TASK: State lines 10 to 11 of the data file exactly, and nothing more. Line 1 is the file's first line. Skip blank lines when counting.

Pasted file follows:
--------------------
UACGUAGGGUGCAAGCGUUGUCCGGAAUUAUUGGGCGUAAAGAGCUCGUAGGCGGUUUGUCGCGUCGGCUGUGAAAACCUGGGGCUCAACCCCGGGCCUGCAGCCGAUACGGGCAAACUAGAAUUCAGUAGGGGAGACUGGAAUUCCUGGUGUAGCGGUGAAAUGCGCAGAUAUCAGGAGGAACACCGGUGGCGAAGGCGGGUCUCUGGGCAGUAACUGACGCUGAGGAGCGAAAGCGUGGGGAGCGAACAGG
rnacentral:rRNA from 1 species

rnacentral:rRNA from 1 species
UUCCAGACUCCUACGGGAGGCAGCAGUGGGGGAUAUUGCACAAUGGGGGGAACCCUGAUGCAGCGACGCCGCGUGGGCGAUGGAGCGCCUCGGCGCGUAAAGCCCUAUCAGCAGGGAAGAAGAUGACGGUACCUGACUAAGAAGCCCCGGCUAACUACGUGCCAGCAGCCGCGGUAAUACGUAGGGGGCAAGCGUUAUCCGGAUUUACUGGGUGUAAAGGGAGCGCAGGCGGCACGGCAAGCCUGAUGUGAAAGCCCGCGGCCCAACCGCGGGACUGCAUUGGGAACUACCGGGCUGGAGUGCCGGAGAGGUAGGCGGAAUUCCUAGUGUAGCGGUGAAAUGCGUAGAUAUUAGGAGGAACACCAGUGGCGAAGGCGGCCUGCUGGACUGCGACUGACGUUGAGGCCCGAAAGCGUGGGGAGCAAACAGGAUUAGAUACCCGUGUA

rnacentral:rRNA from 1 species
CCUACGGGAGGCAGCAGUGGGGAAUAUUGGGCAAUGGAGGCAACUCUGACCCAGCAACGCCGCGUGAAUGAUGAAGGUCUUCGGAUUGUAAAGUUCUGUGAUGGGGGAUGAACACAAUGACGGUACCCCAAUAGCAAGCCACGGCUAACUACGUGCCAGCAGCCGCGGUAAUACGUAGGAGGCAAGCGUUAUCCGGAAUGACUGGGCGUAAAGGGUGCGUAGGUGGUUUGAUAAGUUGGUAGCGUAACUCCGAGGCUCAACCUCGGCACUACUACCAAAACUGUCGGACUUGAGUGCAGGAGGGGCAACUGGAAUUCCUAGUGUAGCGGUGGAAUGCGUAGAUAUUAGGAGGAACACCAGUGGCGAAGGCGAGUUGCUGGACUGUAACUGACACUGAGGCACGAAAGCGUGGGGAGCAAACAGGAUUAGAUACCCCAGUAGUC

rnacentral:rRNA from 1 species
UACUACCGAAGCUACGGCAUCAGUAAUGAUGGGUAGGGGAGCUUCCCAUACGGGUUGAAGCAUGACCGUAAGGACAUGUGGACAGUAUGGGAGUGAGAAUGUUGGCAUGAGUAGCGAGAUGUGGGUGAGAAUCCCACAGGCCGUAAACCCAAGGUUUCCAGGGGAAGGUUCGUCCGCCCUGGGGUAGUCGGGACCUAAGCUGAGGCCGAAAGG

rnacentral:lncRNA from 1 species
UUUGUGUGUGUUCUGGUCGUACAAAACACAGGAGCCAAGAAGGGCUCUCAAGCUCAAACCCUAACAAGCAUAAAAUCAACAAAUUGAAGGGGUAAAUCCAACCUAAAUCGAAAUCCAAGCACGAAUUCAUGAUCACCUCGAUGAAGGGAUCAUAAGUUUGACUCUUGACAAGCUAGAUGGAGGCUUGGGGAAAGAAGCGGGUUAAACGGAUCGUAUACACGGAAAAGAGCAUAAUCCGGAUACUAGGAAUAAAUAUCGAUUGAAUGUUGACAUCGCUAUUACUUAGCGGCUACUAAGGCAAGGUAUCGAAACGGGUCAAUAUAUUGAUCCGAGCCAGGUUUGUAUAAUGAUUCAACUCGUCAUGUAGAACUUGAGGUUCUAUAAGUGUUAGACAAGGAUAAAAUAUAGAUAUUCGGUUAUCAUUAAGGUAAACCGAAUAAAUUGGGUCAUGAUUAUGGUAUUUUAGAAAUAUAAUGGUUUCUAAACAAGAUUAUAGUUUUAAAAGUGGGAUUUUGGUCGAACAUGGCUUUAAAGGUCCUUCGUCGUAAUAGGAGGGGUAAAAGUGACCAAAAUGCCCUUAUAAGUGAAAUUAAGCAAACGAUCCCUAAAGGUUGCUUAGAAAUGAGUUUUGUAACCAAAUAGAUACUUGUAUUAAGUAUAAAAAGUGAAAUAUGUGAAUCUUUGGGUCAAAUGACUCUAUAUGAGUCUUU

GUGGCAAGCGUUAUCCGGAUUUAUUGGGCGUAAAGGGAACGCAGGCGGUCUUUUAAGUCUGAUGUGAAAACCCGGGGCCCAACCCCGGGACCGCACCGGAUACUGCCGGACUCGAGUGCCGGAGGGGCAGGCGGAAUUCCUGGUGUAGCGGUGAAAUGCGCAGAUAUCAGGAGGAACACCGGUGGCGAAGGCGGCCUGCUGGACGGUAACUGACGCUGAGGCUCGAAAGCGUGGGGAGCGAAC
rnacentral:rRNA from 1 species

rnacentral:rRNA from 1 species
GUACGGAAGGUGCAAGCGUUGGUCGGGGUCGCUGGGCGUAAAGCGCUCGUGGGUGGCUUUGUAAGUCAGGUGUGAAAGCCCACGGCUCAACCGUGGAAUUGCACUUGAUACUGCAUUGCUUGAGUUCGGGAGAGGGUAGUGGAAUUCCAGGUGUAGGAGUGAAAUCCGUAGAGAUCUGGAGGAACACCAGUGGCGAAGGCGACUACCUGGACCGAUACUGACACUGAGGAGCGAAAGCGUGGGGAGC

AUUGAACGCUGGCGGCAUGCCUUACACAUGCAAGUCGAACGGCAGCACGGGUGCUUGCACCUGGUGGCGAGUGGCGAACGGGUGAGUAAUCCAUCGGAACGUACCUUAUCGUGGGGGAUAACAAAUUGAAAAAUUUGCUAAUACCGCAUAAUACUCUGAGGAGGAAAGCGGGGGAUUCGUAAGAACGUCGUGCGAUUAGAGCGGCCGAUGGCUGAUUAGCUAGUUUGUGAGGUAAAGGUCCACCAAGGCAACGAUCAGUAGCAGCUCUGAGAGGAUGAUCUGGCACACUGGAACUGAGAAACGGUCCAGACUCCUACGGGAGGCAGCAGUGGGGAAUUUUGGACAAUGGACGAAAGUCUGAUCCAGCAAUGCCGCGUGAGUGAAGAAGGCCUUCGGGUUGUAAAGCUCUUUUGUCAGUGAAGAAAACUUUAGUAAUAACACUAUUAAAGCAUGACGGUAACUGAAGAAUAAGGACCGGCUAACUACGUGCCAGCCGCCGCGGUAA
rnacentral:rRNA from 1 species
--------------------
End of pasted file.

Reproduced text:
UUUGUGUGUGUUCUGGUCGUACAAAACACAGGAGCCAAGAAGGGCUCUCAAGCUCAAACCCUAACAAGCAUAAAAUCAACAAAUUGAAGGGGUAAAUCCAACCUAAAUCGAAAUCCAAGCACGAAUUCAUGAUCACCUCGAUGAAGGGAUCAUAAGUUUGACUCUUGACAAGCUAGAUGGAGGCUUGGGGAAAGAAGCGGGUUAAACGGAUCGUAUACACGGAAAAGAGCAUAAUCCGGAUACUAGGAAUAAAUAUCGAUUGAAUGUUGACAUCGCUAUUACUUAGCGGCUACUAAGGCAAGGUAUCGAAACGGGUCAAUAUAUUGAUCCGAGCCAGGUUUGUAUAAUGAUUCAACUCGUCAUGUAGAACUUGAGGUUCUAUAAGUGUUAGACAAGGAUAAAAUAUAGAUAUUCGGUUAUCAUUAAGGUAAACCGAAUAAAUUGGGUCAUGAUUAUGGUAUUUUAGAAAUAUAAUGGUUUCUAAACAAGAUUAUAGUUUUAAAAGUGGGAUUUUGGUCGAACAUGGCUUUAAAGGUCCUUCGUCGUAAUAGGAGGGGUAAAAGUGACCAAAAUGCCCUUAUAAGUGAAAUUAAGCAAACGAUCCCUAAAGGUUGCUUAGAAAUGAGUUUUGUAACCAAAUAGAUACUUGUAUUAAGUAUAAAAAGUGAAAUAUGUGAAUCUUUGGGUCAAAUGACUCUAUAUGAGUCUUU

GUGGCAAGCGUUAUCCGGAUUUAUUGGGCGUAAAGGGAACGCAGGCGGUCUUUUAAGUCUGAUGUGAAAACCCGGGGCCCAACCCCGGGACCGCACCGGAUACUGCCGGACUCGAGUGCCGGAGGGGCAGGCGGAAUUCCUGGUGUAGCGGUGAAAUGCGCAGAUAUCAGGAGGAACACCGGUGGCGAAGGCGGCCUGCUGGACGGUAACUGACGCUGAGGCUCGAAAGCGUGGGGAGCGAAC